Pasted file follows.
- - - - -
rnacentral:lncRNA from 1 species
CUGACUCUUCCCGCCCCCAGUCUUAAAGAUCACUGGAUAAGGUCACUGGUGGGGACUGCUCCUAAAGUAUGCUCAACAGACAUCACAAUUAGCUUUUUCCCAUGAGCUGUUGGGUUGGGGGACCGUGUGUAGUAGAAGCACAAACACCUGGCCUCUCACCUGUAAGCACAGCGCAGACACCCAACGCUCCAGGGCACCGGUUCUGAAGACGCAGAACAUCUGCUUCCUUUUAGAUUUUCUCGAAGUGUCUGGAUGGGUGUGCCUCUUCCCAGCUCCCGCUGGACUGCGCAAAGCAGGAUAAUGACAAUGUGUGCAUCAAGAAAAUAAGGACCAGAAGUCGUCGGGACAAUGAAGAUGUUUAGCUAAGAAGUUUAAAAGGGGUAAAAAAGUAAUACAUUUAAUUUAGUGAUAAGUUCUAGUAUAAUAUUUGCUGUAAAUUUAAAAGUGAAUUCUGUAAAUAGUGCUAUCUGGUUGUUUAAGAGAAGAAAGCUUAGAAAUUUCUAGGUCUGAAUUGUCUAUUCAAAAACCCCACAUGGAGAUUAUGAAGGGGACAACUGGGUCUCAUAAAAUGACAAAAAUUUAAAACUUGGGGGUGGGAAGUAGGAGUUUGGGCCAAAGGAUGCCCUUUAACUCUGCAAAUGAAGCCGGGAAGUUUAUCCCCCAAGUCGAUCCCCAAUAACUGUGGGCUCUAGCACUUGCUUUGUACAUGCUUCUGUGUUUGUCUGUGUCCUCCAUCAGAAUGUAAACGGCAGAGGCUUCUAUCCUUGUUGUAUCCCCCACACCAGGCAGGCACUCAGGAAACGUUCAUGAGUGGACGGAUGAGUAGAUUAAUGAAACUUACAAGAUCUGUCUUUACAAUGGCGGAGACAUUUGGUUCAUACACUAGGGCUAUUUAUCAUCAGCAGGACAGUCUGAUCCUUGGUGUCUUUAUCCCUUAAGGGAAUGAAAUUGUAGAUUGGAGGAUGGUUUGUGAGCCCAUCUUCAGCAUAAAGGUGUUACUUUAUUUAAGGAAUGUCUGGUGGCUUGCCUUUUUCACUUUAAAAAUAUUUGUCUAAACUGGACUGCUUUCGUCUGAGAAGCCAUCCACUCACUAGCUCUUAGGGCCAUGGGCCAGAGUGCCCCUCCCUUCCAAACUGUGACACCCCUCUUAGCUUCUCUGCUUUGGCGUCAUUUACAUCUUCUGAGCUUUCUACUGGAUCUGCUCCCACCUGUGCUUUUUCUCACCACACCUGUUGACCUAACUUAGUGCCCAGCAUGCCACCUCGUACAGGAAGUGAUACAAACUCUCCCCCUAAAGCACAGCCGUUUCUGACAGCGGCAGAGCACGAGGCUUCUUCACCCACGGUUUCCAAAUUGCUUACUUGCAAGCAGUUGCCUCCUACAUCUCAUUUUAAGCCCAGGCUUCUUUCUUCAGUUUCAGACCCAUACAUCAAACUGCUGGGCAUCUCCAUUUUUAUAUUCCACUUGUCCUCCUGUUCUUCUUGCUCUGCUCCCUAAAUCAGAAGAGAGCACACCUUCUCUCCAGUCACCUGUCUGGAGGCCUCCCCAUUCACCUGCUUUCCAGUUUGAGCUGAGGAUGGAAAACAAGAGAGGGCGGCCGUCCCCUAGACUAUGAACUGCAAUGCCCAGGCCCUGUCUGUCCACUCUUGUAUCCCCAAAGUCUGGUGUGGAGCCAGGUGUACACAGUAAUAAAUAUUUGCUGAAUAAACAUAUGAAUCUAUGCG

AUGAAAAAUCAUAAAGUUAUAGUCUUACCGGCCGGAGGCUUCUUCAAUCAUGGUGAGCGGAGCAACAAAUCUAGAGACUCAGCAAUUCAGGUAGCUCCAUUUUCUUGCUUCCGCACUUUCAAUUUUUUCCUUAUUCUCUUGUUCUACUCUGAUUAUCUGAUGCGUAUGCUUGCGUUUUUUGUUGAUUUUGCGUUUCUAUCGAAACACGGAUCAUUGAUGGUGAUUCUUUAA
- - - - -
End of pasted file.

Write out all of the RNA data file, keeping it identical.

rnacentral:lncRNA from 1 species
CUGACUCUUCCCGCCCCCAGUCUUAAAGAUCACUGGAUAAGGUCACUGGUGGGGACUGCUCCUAAAGUAUGCUCAACAGACAUCACAAUUAGCUUUUUCCCAUGAGCUGUUGGGUUGGGGGACCGUGUGUAGUAGAAGCACAAACACCUGGCCUCUCACCUGUAAGCACAGCGCAGACACCCAACGCUCCAGGGCACCGGUUCUGAAGACGCAGAACAUCUGCUUCCUUUUAGAUUUUCUCGAAGUGUCUGGAUGGGUGUGCCUCUUCCCAGCUCCCGCUGGACUGCGCAAAGCAGGAUAAUGACAAUGUGUGCAUCAAGAAAAUAAGGACCAGAAGUCGUCGGGACAAUGAAGAUGUUUAGCUAAGAAGUUUAAAAGGGGUAAAAAAGUAAUACAUUUAAUUUAGUGAUAAGUUCUAGUAUAAUAUUUGCUGUAAAUUUAAAAGUGAAUUCUGUAAAUAGUGCUAUCUGGUUGUUUAAGAGAAGAAAGCUUAGAAAUUUCUAGGUCUGAAUUGUCUAUUCAAAAACCCCACAUGGAGAUUAUGAAGGGGACAACUGGGUCUCAUAAAAUGACAAAAAUUUAAAACUUGGGGGUGGGAAGUAGGAGUUUGGGCCAAAGGAUGCCCUUUAACUCUGCAAAUGAAGCCGGGAAGUUUAUCCCCCAAGUCGAUCCCCAAUAACUGUGGGCUCUAGCACUUGCUUUGUACAUGCUUCUGUGUUUGUCUGUGUCCUCCAUCAGAAUGUAAACGGCAGAGGCUUCUAUCCUUGUUGUAUCCCCCACACCAGGCAGGCACUCAGGAAACGUUCAUGAGUGGACGGAUGAGUAGAUUAAUGAAACUUACAAGAUCUGUCUUUACAAUGGCGGAGACAUUUGGUUCAUACACUAGGGCUAUUUAUCAUCAGCAGGACAGUCUGAUCCUUGGUGUCUUUAUCCCUUAAGGGAAUGAAAUUGUAGAUUGGAGGAUGGUUUGUGAGCCCAUCUUCAGCAUAAAGGUGUUACUUUAUUUAAGGAAUGUCUGGUGGCUUGCCUUUUUCACUUUAAAAAUAUUUGUCUAAACUGGACUGCUUUCGUCUGAGAAGCCAUCCACUCACUAGCUCUUAGGGCCAUGGGCCAGAGUGCCCCUCCCUUCCAAACUGUGACACCCCUCUUAGCUUCUCUGCUUUGGCGUCAUUUACAUCUUCUGAGCUUUCUACUGGAUCUGCUCCCACCUGUGCUUUUUCUCACCACACCUGUUGACCUAACUUAGUGCCCAGCAUGCCACCUCGUACAGGAAGUGAUACAAACUCUCCCCCUAAAGCACAGCCGUUUCUGACAGCGGCAGAGCACGAGGCUUCUUCACCCACGGUUUCCAAAUUGCUUACUUGCAAGCAGUUGCCUCCUACAUCUCAUUUUAAGCCCAGGCUUCUUUCUUCAGUUUCAGACCCAUACAUCAAACUGCUGGGCAUCUCCAUUUUUAUAUUCCACUUGUCCUCCUGUUCUUCUUGCUCUGCUCCCUAAAUCAGAAGAGAGCACACCUUCUCUCCAGUCACCUGUCUGGAGGCCUCCCCAUUCACCUGCUUUCCAGUUUGAGCUGAGGAUGGAAAACAAGAGAGGGCGGCCGUCCCCUAGACUAUGAACUGCAAUGCCCAGGCCCUGUCUGUCCACUCUUGUAUCCCCAAAGUCUGGUGUGGAGCCAGGUGUACACAGUAAUAAAUAUUUGCUGAAUAAACAUAUGAAUCUAUGCG

AUGAAAAAUCAUAAAGUUAUAGUCUUACCGGCCGGAGGCUUCUUCAAUCAUGGUGAGCGGAGCAACAAAUCUAGAGACUCAGCAAUUCAGGUAGCUCCAUUUUCUUGCUUCCGCACUUUCAAUUUUUUCCUUAUUCUCUUGUUCUACUCUGAUUAUCUGAUGCGUAUGCUUGCGUUUUUUGUUGAUUUUGCGUUUCUAUCGAAACACGGAUCAUUGAUGGUGAUUCUUUAA